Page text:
The figures are publicly available and not hard to find.  Stop with the guessing.

  • Reply 110 of 126
    crowley wrote: »
    The figures are publicly available and not hard to find.  Stop with the guessing.

    He wasn't guessing, he was trolling. He's been informed and given the quarters and results multiple times before you had given it to him.
  • Reply 111 of 126
    crowleycrowley Posts: 7,878member
    This forum deserves a better class of troll.
  • Reply 112 of 126
    Quote:

    Originally Posted by copeland View Post

     

    How does staring at the watch increase battery consumption?

     

    The announced applications don't offer enough advantage for me to be ready to charge it every day.

    Listening to the rumors the field of applications for the first iteration could be smaller than anticipated.


    Presumably one stares at a Apple Watch with the screen active. That draws more power (probably most of the power the device uses.) I suppose you could stare at Apple Watch with the screen blank/off. Perhaps Edition owners will do that just to admire its looks.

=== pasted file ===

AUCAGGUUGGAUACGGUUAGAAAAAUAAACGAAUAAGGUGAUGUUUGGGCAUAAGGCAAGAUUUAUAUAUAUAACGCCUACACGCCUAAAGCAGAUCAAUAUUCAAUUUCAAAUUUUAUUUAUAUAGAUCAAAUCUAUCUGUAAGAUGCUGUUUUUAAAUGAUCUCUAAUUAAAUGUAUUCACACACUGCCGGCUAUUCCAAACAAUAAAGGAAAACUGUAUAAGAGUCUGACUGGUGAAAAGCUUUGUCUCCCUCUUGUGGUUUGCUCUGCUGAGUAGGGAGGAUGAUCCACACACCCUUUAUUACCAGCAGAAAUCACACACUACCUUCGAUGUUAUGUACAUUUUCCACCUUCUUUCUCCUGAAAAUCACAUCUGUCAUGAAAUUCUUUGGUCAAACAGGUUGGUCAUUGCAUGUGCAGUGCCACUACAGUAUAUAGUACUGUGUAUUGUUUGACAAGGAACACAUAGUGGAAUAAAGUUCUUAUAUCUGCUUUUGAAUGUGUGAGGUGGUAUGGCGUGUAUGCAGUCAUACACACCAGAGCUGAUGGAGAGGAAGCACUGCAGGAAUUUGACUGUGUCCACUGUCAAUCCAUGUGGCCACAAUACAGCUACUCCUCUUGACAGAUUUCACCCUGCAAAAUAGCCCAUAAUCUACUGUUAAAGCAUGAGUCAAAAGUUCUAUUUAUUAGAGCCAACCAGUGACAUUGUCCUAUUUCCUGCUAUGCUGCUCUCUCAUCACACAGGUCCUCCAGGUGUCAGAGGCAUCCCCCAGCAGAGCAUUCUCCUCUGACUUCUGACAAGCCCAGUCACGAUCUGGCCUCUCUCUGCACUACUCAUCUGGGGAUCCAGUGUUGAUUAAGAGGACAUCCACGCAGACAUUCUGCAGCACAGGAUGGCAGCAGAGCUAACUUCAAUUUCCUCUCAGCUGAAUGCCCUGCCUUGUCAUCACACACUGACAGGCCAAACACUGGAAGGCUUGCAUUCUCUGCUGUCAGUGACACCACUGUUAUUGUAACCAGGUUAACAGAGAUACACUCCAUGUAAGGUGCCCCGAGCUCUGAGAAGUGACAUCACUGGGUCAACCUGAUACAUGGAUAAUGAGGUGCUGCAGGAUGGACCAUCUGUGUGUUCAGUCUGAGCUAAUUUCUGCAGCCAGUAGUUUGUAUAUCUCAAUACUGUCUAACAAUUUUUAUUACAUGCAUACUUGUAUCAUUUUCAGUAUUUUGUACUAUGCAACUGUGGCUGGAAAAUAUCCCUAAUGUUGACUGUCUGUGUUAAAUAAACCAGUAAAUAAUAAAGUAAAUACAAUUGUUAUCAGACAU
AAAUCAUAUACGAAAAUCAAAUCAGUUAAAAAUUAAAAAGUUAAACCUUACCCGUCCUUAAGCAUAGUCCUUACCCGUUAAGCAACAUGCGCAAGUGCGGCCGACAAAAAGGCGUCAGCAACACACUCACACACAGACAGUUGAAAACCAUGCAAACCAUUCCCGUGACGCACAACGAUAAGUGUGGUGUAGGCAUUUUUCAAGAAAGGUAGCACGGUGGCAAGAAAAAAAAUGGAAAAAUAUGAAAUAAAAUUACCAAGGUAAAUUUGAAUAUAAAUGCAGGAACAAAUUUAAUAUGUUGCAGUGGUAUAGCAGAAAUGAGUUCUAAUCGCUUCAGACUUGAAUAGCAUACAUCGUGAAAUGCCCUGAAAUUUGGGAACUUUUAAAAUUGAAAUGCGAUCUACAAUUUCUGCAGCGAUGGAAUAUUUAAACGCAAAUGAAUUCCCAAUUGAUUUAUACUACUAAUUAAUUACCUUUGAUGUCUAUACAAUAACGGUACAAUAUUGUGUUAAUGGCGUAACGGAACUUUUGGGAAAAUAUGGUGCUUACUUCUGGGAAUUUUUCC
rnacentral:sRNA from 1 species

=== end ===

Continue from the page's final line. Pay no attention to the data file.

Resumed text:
It is really hard to tell at this point what the capabilities will be on launch day. I expect a very thorough (and big) media event shortly before the device is ready for sale and delivery. The event will detail many apps ready to go, likely with several key demos. It will be a media circus. And I will watch it live with cash in hand.